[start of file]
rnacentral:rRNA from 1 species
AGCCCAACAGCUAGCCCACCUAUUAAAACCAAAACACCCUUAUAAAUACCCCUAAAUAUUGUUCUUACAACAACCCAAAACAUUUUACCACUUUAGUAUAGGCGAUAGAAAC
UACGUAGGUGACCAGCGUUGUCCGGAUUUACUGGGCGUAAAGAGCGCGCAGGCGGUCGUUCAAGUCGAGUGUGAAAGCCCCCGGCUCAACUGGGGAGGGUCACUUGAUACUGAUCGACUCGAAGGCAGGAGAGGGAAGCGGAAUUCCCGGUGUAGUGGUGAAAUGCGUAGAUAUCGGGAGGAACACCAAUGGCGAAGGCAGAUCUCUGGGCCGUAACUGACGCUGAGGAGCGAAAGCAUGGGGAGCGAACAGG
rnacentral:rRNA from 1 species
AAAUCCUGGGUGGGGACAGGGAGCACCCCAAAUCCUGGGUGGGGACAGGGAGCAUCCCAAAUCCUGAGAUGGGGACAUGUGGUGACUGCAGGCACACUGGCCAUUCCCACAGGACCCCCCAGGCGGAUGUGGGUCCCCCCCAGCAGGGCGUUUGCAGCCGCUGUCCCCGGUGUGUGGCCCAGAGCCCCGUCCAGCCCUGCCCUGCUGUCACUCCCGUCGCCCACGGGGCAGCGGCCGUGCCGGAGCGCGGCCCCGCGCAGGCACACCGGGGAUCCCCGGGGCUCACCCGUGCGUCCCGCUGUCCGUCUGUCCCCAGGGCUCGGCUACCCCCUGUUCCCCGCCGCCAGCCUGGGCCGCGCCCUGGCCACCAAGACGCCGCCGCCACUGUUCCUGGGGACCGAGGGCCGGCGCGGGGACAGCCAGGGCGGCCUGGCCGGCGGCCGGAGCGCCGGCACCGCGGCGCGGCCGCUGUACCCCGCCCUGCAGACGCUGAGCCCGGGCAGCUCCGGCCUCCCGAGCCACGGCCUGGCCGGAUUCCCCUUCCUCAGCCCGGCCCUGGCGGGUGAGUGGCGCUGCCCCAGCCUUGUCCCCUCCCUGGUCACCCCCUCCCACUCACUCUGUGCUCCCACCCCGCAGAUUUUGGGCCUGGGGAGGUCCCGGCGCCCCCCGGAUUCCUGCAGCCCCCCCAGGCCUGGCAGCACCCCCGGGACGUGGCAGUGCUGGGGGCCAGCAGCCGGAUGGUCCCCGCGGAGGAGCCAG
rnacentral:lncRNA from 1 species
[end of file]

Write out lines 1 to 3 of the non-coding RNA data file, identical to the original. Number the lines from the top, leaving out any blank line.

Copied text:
rnacentral:rRNA from 1 species
AGCCCAACAGCUAGCCCACCUAUUAAAACCAAAACACCCUUAUAAAUACCCCUAAAUAUUGUUCUUACAACAACCCAAAACAUUUUACCACUUUAGUAUAGGCGAUAGAAAC
UACGUAGGUGACCAGCGUUGUCCGGAUUUACUGGGCGUAAAGAGCGCGCAGGCGGUCGUUCAAGUCGAGUGUGAAAGCCCCCGGCUCAACUGGGGAGGGUCACUUGAUACUGAUCGACUCGAAGGCAGGAGAGGGAAGCGGAAUUCCCGGUGUAGUGGUGAAAUGCGUAGAUAUCGGGAGGAACACCAAUGGCGAAGGCAGAUCUCUGGGCCGUAACUGACGCUGAGGAGCGAAAGCAUGGGGAGCGAACAGG